The State of Golf


By: J.L. Lewis


July 2009



Is the game of golf improving?  This question presents an interesting discussion that leads to several past, present, and future facts about equipment, playing ability, and whether or not golf is becoming what is best for the future of the game.  Equipment advancements have caused controversy the past 15 years or so because the nature of the game has changed.  In 1995 I averaged 267.7 yards in length off the tee and was ranked 58th in length statistics on the PGA TOUR.  In 2006 I averaged 279.6 yards and was ranked 173rd in length.  My club head speed dropped about two or three miles per hour during that period which is equivalent to ten to 15 yards in length, but my distance increased.  The improvment in the golf ball and golf equipment have reversed the emphasis of the game from shot making to driving distance. This has made the Tour much more power driven.  The ability to fly the ball farther eliminates a large majority of traditional golf course designs resulting in intended trouble areas that are no longer in the correct place, and golf courses that need to be lengthened without regard for maintaining the character or continuity of the course.


Many great golf courses have been modified or have become extinct which is detrimental to the tradition of the game.  The history of golf revolves around courses like Westchester, Oakmont, Winged Foot, Pebble Beach, Cypress Point, Spyglass Hill, Colonial Country Club, Murfield Village, Shinnecock Hills, Oakland Hills, Brookshire Country Club, Seminole Lake, Augusta, and all of the Donald Ross and Alister Mackenzie courses, just to name a few.  In order to have a PGA TOUR event on any of these courses they must be lengthened, which ruins the designs of these great layouts because the bunkers are not in the appropriate places, and the greens were not built to receive shots from the new landing areas created by adding 40 – 70 yards to the hole.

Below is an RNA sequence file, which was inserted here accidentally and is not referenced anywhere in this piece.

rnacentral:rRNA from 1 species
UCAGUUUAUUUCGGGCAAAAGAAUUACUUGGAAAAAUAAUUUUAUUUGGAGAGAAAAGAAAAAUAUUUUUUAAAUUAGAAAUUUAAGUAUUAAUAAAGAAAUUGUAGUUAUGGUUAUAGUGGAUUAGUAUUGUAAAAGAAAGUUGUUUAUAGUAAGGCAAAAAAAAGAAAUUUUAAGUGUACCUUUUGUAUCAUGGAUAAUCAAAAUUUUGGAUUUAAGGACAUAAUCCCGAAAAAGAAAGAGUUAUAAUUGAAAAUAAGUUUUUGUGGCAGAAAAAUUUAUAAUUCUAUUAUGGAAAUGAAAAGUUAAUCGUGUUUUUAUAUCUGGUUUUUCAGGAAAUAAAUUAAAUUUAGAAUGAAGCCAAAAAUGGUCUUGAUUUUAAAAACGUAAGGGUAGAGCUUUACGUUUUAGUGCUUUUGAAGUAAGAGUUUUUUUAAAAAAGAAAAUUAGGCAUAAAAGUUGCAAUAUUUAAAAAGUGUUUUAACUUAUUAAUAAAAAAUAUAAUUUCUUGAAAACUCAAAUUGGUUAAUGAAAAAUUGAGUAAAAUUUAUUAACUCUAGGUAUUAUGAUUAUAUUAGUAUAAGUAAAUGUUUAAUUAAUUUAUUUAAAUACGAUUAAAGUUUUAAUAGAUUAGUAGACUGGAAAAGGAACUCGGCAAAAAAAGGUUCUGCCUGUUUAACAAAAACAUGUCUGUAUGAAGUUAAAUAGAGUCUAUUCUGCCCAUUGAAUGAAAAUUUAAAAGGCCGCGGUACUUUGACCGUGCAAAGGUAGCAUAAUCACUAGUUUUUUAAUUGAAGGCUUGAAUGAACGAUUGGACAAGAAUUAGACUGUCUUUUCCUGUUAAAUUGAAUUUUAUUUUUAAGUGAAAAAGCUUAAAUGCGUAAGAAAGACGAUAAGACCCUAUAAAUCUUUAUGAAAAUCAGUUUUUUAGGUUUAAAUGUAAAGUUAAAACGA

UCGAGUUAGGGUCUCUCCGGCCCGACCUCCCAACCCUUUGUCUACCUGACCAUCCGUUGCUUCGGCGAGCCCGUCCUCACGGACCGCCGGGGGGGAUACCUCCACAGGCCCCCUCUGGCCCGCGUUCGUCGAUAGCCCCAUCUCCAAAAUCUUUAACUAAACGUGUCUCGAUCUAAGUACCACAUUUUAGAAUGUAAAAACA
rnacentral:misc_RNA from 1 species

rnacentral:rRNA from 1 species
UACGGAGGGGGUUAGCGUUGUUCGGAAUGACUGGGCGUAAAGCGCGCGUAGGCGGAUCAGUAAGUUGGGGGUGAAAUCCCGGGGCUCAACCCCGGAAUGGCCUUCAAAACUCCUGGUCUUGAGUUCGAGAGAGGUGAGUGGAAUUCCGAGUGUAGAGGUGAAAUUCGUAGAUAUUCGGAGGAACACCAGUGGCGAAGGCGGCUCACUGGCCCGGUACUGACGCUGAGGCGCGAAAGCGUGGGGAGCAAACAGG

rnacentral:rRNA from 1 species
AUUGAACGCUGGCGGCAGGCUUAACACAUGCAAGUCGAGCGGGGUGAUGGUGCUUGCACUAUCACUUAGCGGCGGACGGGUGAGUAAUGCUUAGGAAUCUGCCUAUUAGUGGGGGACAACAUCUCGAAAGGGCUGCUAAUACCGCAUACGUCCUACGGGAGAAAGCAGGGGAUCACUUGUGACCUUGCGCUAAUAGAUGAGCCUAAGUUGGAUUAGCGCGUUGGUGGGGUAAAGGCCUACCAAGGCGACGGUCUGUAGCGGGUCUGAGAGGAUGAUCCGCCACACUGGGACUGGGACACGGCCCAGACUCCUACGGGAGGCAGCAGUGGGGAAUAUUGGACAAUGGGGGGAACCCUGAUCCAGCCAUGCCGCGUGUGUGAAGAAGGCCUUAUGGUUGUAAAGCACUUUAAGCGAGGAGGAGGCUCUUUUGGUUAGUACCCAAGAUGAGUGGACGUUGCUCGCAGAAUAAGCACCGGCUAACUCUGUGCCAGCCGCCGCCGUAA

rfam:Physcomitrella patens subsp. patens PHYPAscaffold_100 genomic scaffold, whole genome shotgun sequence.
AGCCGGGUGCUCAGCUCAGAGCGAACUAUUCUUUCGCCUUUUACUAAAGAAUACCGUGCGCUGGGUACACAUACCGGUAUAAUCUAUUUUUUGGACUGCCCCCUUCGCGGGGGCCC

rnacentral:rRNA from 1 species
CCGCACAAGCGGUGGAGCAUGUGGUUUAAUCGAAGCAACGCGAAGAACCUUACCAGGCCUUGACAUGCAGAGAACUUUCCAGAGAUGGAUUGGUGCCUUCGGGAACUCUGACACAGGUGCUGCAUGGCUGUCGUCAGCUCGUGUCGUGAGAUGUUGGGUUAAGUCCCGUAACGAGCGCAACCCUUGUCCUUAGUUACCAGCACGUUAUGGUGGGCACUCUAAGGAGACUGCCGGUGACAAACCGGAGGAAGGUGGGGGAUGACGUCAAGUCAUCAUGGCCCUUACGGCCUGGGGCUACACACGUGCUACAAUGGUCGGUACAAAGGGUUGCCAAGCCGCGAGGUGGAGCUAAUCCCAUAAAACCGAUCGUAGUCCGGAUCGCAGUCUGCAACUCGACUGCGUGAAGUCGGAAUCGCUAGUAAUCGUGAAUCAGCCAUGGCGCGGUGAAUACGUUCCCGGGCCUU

Amateur players benefit greatly from the distance advancements, especially the senior players.  It makes the game more fun when the ball goes 40 yards farther than it did 20 years ago with less club head speed.  However, this is a move away from the history of the game. A solution that may help the game of golf would be to change the golf ball back to how it was 20 to 30 years ago and let amateur players play from the up tees.  This would solve many of the issues that advancements in technology have created and preserve the awesome golf courses that were built on such incredible terrain.   There is less available land for building great golf courses in prime locations.  My hope is that future generations will enjoy the great venues where the history of golf resides.